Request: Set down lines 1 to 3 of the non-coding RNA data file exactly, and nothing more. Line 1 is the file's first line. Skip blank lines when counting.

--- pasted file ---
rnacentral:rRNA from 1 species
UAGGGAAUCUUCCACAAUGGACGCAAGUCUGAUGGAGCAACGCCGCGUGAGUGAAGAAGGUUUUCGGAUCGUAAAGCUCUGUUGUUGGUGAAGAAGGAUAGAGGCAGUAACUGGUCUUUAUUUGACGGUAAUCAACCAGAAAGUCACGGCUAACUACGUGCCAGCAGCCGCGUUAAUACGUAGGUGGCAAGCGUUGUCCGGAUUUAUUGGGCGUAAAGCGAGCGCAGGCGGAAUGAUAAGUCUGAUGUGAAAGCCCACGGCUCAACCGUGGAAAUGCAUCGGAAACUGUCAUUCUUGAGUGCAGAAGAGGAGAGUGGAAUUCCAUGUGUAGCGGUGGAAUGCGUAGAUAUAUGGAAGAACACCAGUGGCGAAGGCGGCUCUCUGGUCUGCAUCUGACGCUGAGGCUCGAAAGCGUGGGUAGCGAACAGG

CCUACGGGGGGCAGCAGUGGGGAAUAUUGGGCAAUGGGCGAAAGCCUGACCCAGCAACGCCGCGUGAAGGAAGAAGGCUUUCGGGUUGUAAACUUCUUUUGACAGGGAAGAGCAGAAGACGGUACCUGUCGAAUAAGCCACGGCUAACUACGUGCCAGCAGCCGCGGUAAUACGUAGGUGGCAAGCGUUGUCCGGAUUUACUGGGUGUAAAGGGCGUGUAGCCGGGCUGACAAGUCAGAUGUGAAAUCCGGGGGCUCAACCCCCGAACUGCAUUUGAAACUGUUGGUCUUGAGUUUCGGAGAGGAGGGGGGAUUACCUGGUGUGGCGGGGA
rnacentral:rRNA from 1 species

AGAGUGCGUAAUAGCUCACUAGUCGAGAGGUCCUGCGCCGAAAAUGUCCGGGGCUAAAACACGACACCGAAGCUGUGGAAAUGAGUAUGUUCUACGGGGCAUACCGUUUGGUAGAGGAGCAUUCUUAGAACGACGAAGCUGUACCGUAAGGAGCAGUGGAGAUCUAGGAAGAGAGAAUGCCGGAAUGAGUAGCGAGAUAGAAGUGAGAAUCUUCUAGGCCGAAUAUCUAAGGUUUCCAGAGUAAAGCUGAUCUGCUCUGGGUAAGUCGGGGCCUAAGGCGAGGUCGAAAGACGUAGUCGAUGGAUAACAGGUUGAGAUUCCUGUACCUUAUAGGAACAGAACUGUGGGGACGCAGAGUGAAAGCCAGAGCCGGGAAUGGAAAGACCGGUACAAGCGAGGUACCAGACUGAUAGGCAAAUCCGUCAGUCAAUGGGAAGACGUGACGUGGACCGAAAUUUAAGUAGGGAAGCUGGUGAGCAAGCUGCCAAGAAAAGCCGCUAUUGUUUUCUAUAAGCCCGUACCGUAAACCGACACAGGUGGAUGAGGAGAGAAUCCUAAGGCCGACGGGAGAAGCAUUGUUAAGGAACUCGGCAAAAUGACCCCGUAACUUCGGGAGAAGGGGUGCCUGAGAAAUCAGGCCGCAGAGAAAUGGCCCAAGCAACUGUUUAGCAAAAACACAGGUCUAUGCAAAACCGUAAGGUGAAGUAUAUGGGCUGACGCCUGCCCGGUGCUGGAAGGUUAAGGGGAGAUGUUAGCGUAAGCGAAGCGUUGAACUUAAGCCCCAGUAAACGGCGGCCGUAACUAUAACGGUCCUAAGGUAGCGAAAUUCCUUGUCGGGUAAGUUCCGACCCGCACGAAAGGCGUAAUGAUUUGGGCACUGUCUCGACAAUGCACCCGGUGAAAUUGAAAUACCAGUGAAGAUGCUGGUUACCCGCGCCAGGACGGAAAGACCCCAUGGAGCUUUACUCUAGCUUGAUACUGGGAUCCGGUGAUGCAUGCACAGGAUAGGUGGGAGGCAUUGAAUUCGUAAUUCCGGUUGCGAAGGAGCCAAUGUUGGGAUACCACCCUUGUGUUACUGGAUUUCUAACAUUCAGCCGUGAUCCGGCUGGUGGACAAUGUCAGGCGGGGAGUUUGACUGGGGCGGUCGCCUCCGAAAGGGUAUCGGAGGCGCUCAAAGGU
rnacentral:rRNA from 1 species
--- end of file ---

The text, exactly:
rnacentral:rRNA from 1 species
UAGGGAAUCUUCCACAAUGGACGCAAGUCUGAUGGAGCAACGCCGCGUGAGUGAAGAAGGUUUUCGGAUCGUAAAGCUCUGUUGUUGGUGAAGAAGGAUAGAGGCAGUAACUGGUCUUUAUUUGACGGUAAUCAACCAGAAAGUCACGGCUAACUACGUGCCAGCAGCCGCGUUAAUACGUAGGUGGCAAGCGUUGUCCGGAUUUAUUGGGCGUAAAGCGAGCGCAGGCGGAAUGAUAAGUCUGAUGUGAAAGCCCACGGCUCAACCGUGGAAAUGCAUCGGAAACUGUCAUUCUUGAGUGCAGAAGAGGAGAGUGGAAUUCCAUGUGUAGCGGUGGAAUGCGUAGAUAUAUGGAAGAACACCAGUGGCGAAGGCGGCUCUCUGGUCUGCAUCUGACGCUGAGGCUCGAAAGCGUGGGUAGCGAACAGG

CCUACGGGGGGCAGCAGUGGGGAAUAUUGGGCAAUGGGCGAAAGCCUGACCCAGCAACGCCGCGUGAAGGAAGAAGGCUUUCGGGUUGUAAACUUCUUUUGACAGGGAAGAGCAGAAGACGGUACCUGUCGAAUAAGCCACGGCUAACUACGUGCCAGCAGCCGCGGUAAUACGUAGGUGGCAAGCGUUGUCCGGAUUUACUGGGUGUAAAGGGCGUGUAGCCGGGCUGACAAGUCAGAUGUGAAAUCCGGGGGCUCAACCCCCGAACUGCAUUUGAAACUGUUGGUCUUGAGUUUCGGAGAGGAGGGGGGAUUACCUGGUGUGGCGGGGA